Before becoming a world of its own, Terry Pratchett’s Discworld series was a straightforward parody of such fantasy staples as Anne McCaffrey’s Dragonriders and Robert Howard’s barbarian. The first two books, The Colour of Magic and The Light Fantastic, comprise one story about Rincewind, the world’s worst wizard, as he takes the Discworld’s first tourist, Two-Flower, through various fantasy parodies. Sourcery (as with “Colour,” a British spelling) reveals why Rincewind is such a terrible wizard as he attempts to run away from Discworld’s first sorcerer since they killed themselves off centuries before.
Running away is a recurring theme in the Rincewind books. He’s cowardly, lacks any real skills, and expects the worst (because it often happens, usually to him). Somehow, he manages to survive and save the world, even though nobody believes it.
Faust Eric takes up where Sourcery left off, with Rincewind trapped in another dimension. Eric, a young warlock, summons Rincewind by accident while attempting to sell his soul to a devil. The two travel through time and space as Rincewind attempts to make Eric’s dreams come true.
The problem with Rincewind as a character is that he fundamentally doesn’t change. He’s always cowardly and cynical. This might explain why Pratchett wrote several books after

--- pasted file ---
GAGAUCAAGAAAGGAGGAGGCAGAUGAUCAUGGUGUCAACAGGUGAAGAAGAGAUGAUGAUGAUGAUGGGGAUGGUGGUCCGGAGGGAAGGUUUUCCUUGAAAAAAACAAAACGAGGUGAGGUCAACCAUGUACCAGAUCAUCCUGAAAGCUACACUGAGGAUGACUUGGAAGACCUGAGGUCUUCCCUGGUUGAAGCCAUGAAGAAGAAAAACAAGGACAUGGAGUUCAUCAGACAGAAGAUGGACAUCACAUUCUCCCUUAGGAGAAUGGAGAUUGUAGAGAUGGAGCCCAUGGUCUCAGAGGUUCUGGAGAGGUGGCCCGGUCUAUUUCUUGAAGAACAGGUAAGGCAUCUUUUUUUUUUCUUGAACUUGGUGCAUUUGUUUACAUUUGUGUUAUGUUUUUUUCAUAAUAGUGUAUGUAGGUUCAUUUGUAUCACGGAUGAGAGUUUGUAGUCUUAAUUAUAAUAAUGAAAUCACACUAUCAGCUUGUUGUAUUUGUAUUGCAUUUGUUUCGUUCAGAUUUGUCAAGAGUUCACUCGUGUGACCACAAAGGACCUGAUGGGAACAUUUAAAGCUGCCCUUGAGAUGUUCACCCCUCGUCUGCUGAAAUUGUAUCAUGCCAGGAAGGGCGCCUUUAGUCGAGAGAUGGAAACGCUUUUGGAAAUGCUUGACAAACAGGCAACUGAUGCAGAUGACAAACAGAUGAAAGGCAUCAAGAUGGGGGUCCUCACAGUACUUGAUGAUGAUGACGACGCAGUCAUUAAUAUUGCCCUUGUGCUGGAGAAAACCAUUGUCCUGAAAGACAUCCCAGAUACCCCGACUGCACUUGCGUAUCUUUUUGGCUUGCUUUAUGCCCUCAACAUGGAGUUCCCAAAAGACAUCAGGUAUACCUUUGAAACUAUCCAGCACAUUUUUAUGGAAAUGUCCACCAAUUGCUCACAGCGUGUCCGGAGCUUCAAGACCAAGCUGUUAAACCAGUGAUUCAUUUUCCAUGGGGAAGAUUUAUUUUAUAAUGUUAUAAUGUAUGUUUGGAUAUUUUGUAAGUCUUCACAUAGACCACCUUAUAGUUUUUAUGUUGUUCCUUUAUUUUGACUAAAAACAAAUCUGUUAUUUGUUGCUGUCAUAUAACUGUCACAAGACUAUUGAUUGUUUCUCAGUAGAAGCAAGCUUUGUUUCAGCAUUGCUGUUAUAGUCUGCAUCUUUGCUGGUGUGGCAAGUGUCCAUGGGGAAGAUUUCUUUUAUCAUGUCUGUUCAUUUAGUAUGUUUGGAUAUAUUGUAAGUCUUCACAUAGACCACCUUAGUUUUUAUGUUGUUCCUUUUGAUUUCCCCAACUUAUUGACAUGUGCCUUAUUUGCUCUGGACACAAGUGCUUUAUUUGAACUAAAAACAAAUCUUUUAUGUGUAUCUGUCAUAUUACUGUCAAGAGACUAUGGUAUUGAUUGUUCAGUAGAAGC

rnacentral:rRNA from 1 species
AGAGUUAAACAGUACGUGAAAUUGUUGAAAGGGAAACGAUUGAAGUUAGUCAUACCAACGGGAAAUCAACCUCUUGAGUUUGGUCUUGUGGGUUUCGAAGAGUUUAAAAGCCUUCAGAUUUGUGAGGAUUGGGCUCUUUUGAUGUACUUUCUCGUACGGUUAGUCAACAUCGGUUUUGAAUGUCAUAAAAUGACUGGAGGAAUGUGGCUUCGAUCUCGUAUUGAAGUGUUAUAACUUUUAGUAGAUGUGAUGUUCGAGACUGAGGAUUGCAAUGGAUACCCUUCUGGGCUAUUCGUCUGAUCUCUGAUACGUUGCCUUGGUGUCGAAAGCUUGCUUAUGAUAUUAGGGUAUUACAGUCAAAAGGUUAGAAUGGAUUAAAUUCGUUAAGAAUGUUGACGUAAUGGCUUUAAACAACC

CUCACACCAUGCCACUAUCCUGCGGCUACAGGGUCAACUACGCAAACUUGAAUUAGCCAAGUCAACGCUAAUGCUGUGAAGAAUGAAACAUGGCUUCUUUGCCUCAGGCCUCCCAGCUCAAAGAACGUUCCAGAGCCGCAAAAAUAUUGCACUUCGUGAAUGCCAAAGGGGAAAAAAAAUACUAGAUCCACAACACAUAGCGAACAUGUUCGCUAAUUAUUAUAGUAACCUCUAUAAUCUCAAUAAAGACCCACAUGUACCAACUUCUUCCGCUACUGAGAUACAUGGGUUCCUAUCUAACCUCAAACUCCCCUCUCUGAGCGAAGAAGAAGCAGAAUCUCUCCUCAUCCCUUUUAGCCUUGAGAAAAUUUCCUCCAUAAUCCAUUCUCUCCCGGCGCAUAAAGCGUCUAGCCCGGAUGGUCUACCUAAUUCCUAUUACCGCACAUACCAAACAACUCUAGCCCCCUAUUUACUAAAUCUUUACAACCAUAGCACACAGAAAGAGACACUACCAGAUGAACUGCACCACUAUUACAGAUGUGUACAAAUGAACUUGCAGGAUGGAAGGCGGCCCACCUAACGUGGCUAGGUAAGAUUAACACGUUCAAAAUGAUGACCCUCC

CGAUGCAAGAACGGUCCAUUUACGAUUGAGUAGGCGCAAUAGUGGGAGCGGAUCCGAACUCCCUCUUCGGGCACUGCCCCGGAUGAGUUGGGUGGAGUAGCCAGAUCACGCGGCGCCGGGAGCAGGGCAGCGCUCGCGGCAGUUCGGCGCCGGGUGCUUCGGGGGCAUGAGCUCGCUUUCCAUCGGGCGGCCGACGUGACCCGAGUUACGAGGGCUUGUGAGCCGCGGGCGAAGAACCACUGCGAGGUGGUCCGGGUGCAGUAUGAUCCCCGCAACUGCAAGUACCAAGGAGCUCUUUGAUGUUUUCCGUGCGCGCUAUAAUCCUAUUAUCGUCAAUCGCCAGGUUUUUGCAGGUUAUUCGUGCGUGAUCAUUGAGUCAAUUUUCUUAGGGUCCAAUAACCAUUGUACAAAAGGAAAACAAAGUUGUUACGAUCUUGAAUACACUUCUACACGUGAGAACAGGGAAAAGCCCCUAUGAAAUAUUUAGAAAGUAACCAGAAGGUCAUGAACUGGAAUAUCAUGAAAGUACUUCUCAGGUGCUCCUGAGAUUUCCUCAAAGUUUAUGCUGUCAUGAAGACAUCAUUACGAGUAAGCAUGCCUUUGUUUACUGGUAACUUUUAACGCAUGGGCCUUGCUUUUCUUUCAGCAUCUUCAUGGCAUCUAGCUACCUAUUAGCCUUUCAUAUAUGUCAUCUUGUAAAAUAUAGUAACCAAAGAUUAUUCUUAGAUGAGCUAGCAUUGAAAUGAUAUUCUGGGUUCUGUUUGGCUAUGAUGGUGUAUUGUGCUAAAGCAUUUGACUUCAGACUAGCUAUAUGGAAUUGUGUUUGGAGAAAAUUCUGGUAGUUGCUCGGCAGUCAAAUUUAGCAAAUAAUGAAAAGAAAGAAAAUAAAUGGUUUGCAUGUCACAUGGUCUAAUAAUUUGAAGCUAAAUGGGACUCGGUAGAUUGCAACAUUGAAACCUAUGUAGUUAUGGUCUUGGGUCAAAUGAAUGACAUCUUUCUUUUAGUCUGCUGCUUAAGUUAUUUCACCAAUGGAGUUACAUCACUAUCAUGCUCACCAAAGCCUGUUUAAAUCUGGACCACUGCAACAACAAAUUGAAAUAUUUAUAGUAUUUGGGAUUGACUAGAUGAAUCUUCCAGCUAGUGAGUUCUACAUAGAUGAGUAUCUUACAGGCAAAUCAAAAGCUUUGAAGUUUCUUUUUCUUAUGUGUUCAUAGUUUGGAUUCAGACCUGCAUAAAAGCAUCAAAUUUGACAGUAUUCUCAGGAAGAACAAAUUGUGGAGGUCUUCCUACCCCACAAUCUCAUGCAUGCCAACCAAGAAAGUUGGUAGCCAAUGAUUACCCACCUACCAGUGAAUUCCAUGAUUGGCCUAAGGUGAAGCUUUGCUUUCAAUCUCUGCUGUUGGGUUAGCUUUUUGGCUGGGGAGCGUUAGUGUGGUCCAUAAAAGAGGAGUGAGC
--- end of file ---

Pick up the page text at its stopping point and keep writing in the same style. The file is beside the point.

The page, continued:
Faust Eric that include the wizards of Unseen University but not Rincewind. These books, Moving Pictures, Reaper Man, Soul Music, and Hogfather, mostly involve the wizards banding together (complaining all the while) to help protect the world from a supernatural threat. Moving Pictures is a parody of the origins of Hollywood, while the others are part of the Death cycle.
Another strategy that Pratchett used to keep Rincewind interesting was to focus on the countries Rincewind found himself in. For example, Interesting Times takes Rincewind to Two-Flower’s home country, a nation surprisingly like ancient China. As Rincewind explores the Aurient, he encounters the Silver Horde, a group of ancient barbarians who will reappear in later books.
Rincewind’s last basic adventure was described in The Last Continent, which is basically Australia. As with Interesting Times, the entertainment is more about the environment than Rincewind himself. The wizards of Unseen University also make an appearance as Rincewind tries to bring rain to the desert continent in spite of himself.
In addition to novels, Rincewind appears in an illustrated novel by Terry Pratchett and Paul Kidby, The Last Hero. In this beautiful story, Rincewind works with the wizards of Unseen University and Vetinari, the leader of the city, to keep the Silver Horde from accidentally destroying the universe. This book really has to be seen to be appreciated, so I encourage you to check it out for yourself.
Overall, Rincewind is a less complex character than the best of the Discworld canon. Nevertheless, the first novels are funny and in the later ones, Rincewind acts a great foil for more interesting characters and situations.